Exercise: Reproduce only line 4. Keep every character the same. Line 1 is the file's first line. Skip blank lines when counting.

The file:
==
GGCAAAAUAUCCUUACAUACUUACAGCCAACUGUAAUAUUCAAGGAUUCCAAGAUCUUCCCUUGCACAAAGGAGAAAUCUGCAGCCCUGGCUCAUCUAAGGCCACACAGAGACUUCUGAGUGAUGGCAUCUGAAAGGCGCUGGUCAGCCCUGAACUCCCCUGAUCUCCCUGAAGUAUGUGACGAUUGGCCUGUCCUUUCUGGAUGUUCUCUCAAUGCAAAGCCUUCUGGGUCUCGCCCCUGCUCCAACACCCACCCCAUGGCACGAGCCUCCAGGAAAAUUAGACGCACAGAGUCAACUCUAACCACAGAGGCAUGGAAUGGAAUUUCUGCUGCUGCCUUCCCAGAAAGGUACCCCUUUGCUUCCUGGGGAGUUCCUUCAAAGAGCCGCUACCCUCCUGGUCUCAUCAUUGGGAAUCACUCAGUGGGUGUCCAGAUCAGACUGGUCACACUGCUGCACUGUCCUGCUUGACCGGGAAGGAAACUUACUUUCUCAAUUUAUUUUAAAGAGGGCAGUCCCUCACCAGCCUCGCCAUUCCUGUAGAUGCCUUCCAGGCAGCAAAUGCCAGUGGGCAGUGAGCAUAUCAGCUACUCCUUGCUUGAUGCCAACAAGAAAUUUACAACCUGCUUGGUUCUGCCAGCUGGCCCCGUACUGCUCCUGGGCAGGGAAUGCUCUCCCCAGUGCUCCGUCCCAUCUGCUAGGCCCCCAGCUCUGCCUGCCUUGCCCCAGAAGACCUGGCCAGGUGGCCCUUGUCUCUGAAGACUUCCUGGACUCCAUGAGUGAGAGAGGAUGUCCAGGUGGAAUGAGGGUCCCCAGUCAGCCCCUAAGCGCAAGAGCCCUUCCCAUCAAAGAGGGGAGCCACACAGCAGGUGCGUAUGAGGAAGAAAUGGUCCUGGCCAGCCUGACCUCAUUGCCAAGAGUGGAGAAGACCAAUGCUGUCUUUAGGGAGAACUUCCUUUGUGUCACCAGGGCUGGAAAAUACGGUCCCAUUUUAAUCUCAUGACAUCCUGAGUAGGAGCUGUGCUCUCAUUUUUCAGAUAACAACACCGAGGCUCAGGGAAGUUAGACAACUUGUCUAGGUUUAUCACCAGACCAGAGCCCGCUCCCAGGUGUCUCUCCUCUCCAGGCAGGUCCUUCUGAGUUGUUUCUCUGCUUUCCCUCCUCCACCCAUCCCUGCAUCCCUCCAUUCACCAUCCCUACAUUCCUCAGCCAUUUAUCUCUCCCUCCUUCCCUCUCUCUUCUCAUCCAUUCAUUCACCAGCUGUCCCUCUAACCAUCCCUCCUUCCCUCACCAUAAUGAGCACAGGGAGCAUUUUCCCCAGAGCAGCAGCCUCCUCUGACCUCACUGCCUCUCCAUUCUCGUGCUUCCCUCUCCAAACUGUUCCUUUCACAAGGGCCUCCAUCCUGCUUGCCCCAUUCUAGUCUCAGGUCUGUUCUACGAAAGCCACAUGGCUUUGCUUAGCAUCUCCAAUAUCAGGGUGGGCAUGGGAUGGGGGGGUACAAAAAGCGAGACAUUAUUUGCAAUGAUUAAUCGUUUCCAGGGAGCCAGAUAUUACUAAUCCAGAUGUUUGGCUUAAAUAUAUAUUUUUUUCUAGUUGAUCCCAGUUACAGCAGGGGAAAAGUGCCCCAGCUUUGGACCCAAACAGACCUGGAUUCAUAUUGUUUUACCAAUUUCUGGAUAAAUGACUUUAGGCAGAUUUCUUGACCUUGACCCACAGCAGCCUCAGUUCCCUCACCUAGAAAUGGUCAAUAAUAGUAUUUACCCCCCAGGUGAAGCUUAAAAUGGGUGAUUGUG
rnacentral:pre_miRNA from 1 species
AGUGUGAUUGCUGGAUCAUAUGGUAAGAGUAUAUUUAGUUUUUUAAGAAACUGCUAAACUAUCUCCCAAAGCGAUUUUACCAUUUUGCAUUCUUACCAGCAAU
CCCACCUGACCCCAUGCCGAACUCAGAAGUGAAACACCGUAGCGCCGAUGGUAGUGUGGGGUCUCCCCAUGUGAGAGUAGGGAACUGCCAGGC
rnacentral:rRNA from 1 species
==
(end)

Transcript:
CCCACCUGACCCCAUGCCGAACUCAGAAGUGAAACACCGUAGCGCCGAUGGUAGUGUGGGGUCUCCCCAUGUGAGAGUAGGGAACUGCCAGGC